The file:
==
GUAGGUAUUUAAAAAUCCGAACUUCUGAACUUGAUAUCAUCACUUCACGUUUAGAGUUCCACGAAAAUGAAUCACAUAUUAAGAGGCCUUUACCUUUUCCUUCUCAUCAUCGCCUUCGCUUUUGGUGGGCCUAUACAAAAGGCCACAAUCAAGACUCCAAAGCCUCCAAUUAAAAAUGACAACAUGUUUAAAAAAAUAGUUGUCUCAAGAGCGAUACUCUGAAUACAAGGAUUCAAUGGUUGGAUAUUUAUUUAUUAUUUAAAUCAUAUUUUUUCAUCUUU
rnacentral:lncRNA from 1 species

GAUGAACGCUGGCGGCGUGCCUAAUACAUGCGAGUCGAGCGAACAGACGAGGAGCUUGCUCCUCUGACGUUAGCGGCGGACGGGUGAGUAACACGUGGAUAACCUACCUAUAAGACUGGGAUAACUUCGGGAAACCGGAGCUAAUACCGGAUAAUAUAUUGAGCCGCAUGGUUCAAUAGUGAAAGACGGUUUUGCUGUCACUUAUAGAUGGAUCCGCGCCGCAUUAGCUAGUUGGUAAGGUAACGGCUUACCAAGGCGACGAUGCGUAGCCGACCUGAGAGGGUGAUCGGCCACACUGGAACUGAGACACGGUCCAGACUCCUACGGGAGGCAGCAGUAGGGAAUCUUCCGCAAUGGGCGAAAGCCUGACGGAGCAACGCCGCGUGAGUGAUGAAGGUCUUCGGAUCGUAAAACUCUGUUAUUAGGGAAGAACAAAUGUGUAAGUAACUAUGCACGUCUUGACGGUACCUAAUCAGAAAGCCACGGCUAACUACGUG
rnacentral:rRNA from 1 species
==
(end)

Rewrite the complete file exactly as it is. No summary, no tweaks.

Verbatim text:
GUAGGUAUUUAAAAAUCCGAACUUCUGAACUUGAUAUCAUCACUUCACGUUUAGAGUUCCACGAAAAUGAAUCACAUAUUAAGAGGCCUUUACCUUUUCCUUCUCAUCAUCGCCUUCGCUUUUGGUGGGCCUAUACAAAAGGCCACAAUCAAGACUCCAAAGCCUCCAAUUAAAAAUGACAACAUGUUUAAAAAAAUAGUUGUCUCAAGAGCGAUACUCUGAAUACAAGGAUUCAAUGGUUGGAUAUUUAUUUAUUAUUUAAAUCAUAUUUUUUCAUCUUU
rnacentral:lncRNA from 1 species

GAUGAACGCUGGCGGCGUGCCUAAUACAUGCGAGUCGAGCGAACAGACGAGGAGCUUGCUCCUCUGACGUUAGCGGCGGACGGGUGAGUAACACGUGGAUAACCUACCUAUAAGACUGGGAUAACUUCGGGAAACCGGAGCUAAUACCGGAUAAUAUAUUGAGCCGCAUGGUUCAAUAGUGAAAGACGGUUUUGCUGUCACUUAUAGAUGGAUCCGCGCCGCAUUAGCUAGUUGGUAAGGUAACGGCUUACCAAGGCGACGAUGCGUAGCCGACCUGAGAGGGUGAUCGGCCACACUGGAACUGAGACACGGUCCAGACUCCUACGGGAGGCAGCAGUAGGGAAUCUUCCGCAAUGGGCGAAAGCCUGACGGAGCAACGCCGCGUGAGUGAUGAAGGUCUUCGGAUCGUAAAACUCUGUUAUUAGGGAAGAACAAAUGUGUAAGUAACUAUGCACGUCUUGACGGUACCUAAUCAGAAAGCCACGGCUAACUACGUG
rnacentral:rRNA from 1 species